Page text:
First, there is a single legislative special today. MA-SD-Bristol & Norfolk is a D+5 (2016) seat stretching from Seekonk in suburban Providence to Medfield in Boston’s southwest suburbs. Foxborough councilman and Sanders campaign staffer Paul Feeney (D) is facing off with legislative staffer Jacob Ventura (R) and retired investigative reporter Joe Shortsleeve (I), a former DINO who has high name recognition. Due to the lean of the seat and the energized D base, Feeney looks like a moderate favorite, but with three credible candidates this race could theoretically go any way.
Now, onto the news!
Tax-returns: Governor Jerry Brown (Sane D-CA) has vetoed a bit of legislation that would force Presidential candidates to submit their tax returns to the public to appear on the ballot in the state. Brown rightly pointed out that this could easily set precedence for states requiring far more revealing things to be made public, and that individual states should not be able to regulate federal elections in this way. Expect the next CA Governor to not be as reasonable when it comes to finding petty ways to snipe at Trump.
Trump-Approval: An Emerson poll has Trump doing . . . pretty well for Trump, sitting at a 44/50 approval rating. They also polled 2020 match-ups, and found Biden ahead of Trump by around 10 points, but Warren effectively tied with him.
2020: Tulsi Gabbard has been spotted making the rounds in Iowa. At a recent Iowa Democrats campaign event, both Gabbard and Rep. John Delaney (who has already announced a run) talked in vaguely positive platitudes about coming together as a country, in what is probably a dry run for a possible 2020 campaign message. Honestly, both are probably far too centrist to actually win a national D primary these days, but Gabbard has such an astoundingly odd political profile that I kind of want her to run regardless, just to see what happens.
AR-Sen: There are rumors flying that Senator Tom Cotton (R) might be tapped as the next director of the CIA. This is a curious prospect, as Cotton is widely expected to have his sights set firmly on the presidency, and a job in the Trump Administration seems like a less useful stepping stone towards that than just staying on as a 2+ term Senator in uber-safe Arkansas. We’ll have to see, though with some of the other stories coming out today the NRSC might not want to defend even more unexpectedly open seats in 2018.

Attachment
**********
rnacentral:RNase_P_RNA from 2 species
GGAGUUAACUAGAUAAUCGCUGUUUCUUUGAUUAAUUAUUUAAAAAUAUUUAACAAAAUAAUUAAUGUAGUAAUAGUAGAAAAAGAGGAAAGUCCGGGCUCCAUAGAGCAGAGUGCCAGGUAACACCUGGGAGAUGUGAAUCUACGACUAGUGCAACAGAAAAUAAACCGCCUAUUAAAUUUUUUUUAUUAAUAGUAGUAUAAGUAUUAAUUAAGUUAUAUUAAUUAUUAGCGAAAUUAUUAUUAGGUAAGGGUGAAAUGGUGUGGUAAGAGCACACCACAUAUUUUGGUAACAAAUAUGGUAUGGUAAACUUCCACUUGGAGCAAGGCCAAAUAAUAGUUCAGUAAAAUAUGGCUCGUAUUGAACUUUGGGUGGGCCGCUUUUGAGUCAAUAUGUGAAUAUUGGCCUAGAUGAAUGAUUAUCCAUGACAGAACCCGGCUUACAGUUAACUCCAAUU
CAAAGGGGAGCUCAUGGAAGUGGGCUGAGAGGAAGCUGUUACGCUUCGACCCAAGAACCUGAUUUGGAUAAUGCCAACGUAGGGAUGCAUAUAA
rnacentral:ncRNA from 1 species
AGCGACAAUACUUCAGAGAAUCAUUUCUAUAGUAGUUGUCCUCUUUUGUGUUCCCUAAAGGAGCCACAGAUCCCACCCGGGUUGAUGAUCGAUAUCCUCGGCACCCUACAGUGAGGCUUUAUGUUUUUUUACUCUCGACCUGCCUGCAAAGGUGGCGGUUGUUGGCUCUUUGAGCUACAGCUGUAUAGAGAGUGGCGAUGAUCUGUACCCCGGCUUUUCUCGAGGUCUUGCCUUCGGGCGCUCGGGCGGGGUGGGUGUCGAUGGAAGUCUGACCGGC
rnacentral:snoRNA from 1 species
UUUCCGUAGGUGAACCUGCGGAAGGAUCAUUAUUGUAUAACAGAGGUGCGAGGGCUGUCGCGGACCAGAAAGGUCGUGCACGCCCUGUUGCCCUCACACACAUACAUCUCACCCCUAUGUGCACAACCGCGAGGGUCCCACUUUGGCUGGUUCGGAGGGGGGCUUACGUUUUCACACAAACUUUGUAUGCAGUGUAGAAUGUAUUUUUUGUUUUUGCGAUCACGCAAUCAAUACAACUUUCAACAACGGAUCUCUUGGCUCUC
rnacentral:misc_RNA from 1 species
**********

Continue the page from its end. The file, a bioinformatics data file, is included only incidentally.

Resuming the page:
CA-36: The GOP has another candidate running for the chance to take on 3-term Democrat Raul Ruiz in this Eastern-Riverside-County seat. Republican Dan Ball, a local news anchor, announced his run yesterday. He joins Actress Kimberlain Brown in the race for the second slot to Ruiz in California’s top-2 system, but Ruiz has beaten tougher opponents than both of them in worse years than 2018 is shaping out to be, so he’s probably still secure.
FL-27: Well this is . . . unexpected. Bettina Rodriguez Aguilera (R), one of the GOP candidates running to succeed retiring Rep Ileana Ros-Lehtinen (R) in this Cuban seat covering most of Miami, has stated that she believes she was abducted by aliens when she was 7. Needless to say, this does not bode well for her chances in what is easily the Democrat’s best 2018 flip target, even assuming she makes it out of the Cuban Machine primary.
MI-9: Sandy Levin (D) is still apparently undecided on whether or not he wants to run for re-election to his Suburban Detroit seat. While Levin is probably safe if he runs again in this rapidly diversifying seat covering Upscale-Yuppie Liberals in Southeastern Oakland County and Union Dems in Southern Macomb County, the GOP could realistically make a play for an open seat that moved quite a bit towards Trump last year.
MI-11: Kerry Bentivolio, a man who is either the most or second-most accidental Congressman ever depending on where you put Joseph Cao on the list, is running for this seat again as a Republican. Bentivolio has been a perennial candidate even before accidentally being the only guy left on the ticket in 2012 after the McCotter fiasco, and is probably not going to be a serious threat to win this seat again as several other Republicans are running and more may get in the race. Rep. David Trott (R) is retiring.